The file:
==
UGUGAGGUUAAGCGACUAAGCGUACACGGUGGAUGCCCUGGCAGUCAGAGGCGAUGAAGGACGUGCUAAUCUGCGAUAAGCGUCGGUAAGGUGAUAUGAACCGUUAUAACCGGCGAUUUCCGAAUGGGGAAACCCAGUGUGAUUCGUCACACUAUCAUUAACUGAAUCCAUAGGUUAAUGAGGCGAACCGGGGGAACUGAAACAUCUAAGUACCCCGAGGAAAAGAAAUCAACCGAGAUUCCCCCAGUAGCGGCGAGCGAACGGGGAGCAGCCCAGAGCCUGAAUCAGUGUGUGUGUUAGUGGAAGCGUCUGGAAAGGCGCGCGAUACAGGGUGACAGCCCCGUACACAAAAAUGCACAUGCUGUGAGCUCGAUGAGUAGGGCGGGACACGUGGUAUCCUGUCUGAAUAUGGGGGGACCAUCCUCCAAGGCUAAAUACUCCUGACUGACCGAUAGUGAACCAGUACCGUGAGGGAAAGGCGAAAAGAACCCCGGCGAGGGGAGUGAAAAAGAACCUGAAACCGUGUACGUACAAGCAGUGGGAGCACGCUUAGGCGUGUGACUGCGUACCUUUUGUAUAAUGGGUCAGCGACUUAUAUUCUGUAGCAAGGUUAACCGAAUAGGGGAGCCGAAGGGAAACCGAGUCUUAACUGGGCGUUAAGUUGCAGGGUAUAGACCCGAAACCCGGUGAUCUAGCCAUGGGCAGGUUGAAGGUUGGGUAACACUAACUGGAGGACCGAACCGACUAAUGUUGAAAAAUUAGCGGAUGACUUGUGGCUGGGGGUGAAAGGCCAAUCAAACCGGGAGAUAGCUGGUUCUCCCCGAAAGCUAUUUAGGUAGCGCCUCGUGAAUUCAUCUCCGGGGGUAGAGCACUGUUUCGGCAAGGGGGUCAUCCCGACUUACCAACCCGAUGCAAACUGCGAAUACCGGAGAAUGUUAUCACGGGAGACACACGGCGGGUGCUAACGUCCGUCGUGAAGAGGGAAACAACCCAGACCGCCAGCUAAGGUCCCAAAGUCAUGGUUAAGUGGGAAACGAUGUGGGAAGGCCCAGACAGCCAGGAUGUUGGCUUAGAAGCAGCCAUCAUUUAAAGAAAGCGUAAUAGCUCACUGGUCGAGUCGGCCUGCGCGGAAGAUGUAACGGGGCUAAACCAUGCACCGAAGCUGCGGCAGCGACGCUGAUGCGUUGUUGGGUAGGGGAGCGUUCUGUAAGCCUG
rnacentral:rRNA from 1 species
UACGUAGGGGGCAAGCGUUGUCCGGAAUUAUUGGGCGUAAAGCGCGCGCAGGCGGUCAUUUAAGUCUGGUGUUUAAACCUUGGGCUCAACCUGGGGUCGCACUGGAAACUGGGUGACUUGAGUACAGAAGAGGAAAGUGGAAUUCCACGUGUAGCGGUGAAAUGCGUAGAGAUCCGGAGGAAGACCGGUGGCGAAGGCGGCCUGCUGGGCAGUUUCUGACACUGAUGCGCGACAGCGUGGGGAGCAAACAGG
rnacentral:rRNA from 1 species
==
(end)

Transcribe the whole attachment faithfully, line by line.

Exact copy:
UGUGAGGUUAAGCGACUAAGCGUACACGGUGGAUGCCCUGGCAGUCAGAGGCGAUGAAGGACGUGCUAAUCUGCGAUAAGCGUCGGUAAGGUGAUAUGAACCGUUAUAACCGGCGAUUUCCGAAUGGGGAAACCCAGUGUGAUUCGUCACACUAUCAUUAACUGAAUCCAUAGGUUAAUGAGGCGAACCGGGGGAACUGAAACAUCUAAGUACCCCGAGGAAAAGAAAUCAACCGAGAUUCCCCCAGUAGCGGCGAGCGAACGGGGAGCAGCCCAGAGCCUGAAUCAGUGUGUGUGUUAGUGGAAGCGUCUGGAAAGGCGCGCGAUACAGGGUGACAGCCCCGUACACAAAAAUGCACAUGCUGUGAGCUCGAUGAGUAGGGCGGGACACGUGGUAUCCUGUCUGAAUAUGGGGGGACCAUCCUCCAAGGCUAAAUACUCCUGACUGACCGAUAGUGAACCAGUACCGUGAGGGAAAGGCGAAAAGAACCCCGGCGAGGGGAGUGAAAAAGAACCUGAAACCGUGUACGUACAAGCAGUGGGAGCACGCUUAGGCGUGUGACUGCGUACCUUUUGUAUAAUGGGUCAGCGACUUAUAUUCUGUAGCAAGGUUAACCGAAUAGGGGAGCCGAAGGGAAACCGAGUCUUAACUGGGCGUUAAGUUGCAGGGUAUAGACCCGAAACCCGGUGAUCUAGCCAUGGGCAGGUUGAAGGUUGGGUAACACUAACUGGAGGACCGAACCGACUAAUGUUGAAAAAUUAGCGGAUGACUUGUGGCUGGGGGUGAAAGGCCAAUCAAACCGGGAGAUAGCUGGUUCUCCCCGAAAGCUAUUUAGGUAGCGCCUCGUGAAUUCAUCUCCGGGGGUAGAGCACUGUUUCGGCAAGGGGGUCAUCCCGACUUACCAACCCGAUGCAAACUGCGAAUACCGGAGAAUGUUAUCACGGGAGACACACGGCGGGUGCUAACGUCCGUCGUGAAGAGGGAAACAACCCAGACCGCCAGCUAAGGUCCCAAAGUCAUGGUUAAGUGGGAAACGAUGUGGGAAGGCCCAGACAGCCAGGAUGUUGGCUUAGAAGCAGCCAUCAUUUAAAGAAAGCGUAAUAGCUCACUGGUCGAGUCGGCCUGCGCGGAAGAUGUAACGGGGCUAAACCAUGCACCGAAGCUGCGGCAGCGACGCUGAUGCGUUGUUGGGUAGGGGAGCGUUCUGUAAGCCUG
rnacentral:rRNA from 1 species
UACGUAGGGGGCAAGCGUUGUCCGGAAUUAUUGGGCGUAAAGCGCGCGCAGGCGGUCAUUUAAGUCUGGUGUUUAAACCUUGGGCUCAACCUGGGGUCGCACUGGAAACUGGGUGACUUGAGUACAGAAGAGGAAAGUGGAAUUCCACGUGUAGCGGUGAAAUGCGUAGAGAUCCGGAGGAAGACCGGUGGCGAAGGCGGCCUGCUGGGCAGUUUCUGACACUGAUGCGCGACAGCGUGGGGAGCAAACAGG
rnacentral:rRNA from 1 species